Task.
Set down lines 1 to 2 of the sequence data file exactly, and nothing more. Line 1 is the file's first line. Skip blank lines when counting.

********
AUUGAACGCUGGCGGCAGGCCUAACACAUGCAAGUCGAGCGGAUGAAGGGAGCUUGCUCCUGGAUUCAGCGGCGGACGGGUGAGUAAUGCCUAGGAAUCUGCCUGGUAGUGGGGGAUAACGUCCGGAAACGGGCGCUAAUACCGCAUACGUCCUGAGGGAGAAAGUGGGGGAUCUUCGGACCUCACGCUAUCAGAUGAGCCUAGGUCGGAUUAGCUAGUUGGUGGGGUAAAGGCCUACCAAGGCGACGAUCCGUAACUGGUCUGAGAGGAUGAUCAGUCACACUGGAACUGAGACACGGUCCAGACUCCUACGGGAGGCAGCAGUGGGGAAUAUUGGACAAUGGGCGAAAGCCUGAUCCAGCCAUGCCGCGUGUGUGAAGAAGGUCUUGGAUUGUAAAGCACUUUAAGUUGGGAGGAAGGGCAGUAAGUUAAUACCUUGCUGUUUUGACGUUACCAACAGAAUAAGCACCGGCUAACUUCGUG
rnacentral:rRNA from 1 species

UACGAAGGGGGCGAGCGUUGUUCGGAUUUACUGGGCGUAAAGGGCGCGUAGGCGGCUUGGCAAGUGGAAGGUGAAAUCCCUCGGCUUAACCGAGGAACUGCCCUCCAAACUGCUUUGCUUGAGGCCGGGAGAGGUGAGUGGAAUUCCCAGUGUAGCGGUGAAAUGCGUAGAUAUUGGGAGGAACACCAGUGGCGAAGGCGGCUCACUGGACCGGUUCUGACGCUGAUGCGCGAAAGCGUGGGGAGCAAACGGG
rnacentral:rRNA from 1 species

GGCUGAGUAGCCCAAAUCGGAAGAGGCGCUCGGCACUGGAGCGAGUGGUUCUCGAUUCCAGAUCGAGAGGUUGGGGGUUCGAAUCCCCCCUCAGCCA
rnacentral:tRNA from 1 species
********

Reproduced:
AUUGAACGCUGGCGGCAGGCCUAACACAUGCAAGUCGAGCGGAUGAAGGGAGCUUGCUCCUGGAUUCAGCGGCGGACGGGUGAGUAAUGCCUAGGAAUCUGCCUGGUAGUGGGGGAUAACGUCCGGAAACGGGCGCUAAUACCGCAUACGUCCUGAGGGAGAAAGUGGGGGAUCUUCGGACCUCACGCUAUCAGAUGAGCCUAGGUCGGAUUAGCUAGUUGGUGGGGUAAAGGCCUACCAAGGCGACGAUCCGUAACUGGUCUGAGAGGAUGAUCAGUCACACUGGAACUGAGACACGGUCCAGACUCCUACGGGAGGCAGCAGUGGGGAAUAUUGGACAAUGGGCGAAAGCCUGAUCCAGCCAUGCCGCGUGUGUGAAGAAGGUCUUGGAUUGUAAAGCACUUUAAGUUGGGAGGAAGGGCAGUAAGUUAAUACCUUGCUGUUUUGACGUUACCAACAGAAUAAGCACCGGCUAACUUCGUG
rnacentral:rRNA from 1 species